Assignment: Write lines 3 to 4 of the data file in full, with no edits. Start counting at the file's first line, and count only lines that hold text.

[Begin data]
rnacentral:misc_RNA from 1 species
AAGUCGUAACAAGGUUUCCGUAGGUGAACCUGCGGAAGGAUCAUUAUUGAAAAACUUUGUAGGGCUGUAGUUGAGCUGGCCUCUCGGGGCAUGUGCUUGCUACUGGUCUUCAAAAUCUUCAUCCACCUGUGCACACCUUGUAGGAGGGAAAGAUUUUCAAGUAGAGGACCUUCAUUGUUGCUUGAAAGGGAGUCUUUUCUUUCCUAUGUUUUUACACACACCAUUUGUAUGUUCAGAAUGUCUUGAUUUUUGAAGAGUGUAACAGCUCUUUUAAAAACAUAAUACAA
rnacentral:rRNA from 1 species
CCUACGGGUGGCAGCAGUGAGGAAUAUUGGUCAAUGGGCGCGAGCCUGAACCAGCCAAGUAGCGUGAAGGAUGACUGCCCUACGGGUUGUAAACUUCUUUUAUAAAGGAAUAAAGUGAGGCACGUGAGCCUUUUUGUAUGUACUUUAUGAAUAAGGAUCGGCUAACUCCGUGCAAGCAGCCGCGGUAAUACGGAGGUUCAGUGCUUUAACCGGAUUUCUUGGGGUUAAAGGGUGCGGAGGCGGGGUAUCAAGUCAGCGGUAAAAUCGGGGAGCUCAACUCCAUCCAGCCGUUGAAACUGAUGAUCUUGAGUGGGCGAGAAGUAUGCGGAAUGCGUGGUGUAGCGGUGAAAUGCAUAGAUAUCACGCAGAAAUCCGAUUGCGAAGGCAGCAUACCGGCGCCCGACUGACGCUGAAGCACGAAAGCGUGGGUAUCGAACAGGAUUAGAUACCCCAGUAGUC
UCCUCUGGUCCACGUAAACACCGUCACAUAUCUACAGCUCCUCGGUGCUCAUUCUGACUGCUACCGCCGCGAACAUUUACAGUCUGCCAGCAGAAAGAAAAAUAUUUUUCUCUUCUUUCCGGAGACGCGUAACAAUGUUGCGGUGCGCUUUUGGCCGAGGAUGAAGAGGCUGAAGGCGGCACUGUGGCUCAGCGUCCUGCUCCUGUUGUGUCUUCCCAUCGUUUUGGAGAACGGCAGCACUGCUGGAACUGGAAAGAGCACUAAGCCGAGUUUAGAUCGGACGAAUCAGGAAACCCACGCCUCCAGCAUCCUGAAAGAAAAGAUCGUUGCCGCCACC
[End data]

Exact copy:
rnacentral:rRNA from 1 species
CCUACGGGUGGCAGCAGUGAGGAAUAUUGGUCAAUGGGCGCGAGCCUGAACCAGCCAAGUAGCGUGAAGGAUGACUGCCCUACGGGUUGUAAACUUCUUUUAUAAAGGAAUAAAGUGAGGCACGUGAGCCUUUUUGUAUGUACUUUAUGAAUAAGGAUCGGCUAACUCCGUGCAAGCAGCCGCGGUAAUACGGAGGUUCAGUGCUUUAACCGGAUUUCUUGGGGUUAAAGGGUGCGGAGGCGGGGUAUCAAGUCAGCGGUAAAAUCGGGGAGCUCAACUCCAUCCAGCCGUUGAAACUGAUGAUCUUGAGUGGGCGAGAAGUAUGCGGAAUGCGUGGUGUAGCGGUGAAAUGCAUAGAUAUCACGCAGAAAUCCGAUUGCGAAGGCAGCAUACCGGCGCCCGACUGACGCUGAAGCACGAAAGCGUGGGUAUCGAACAGGAUUAGAUACCCCAGUAGUC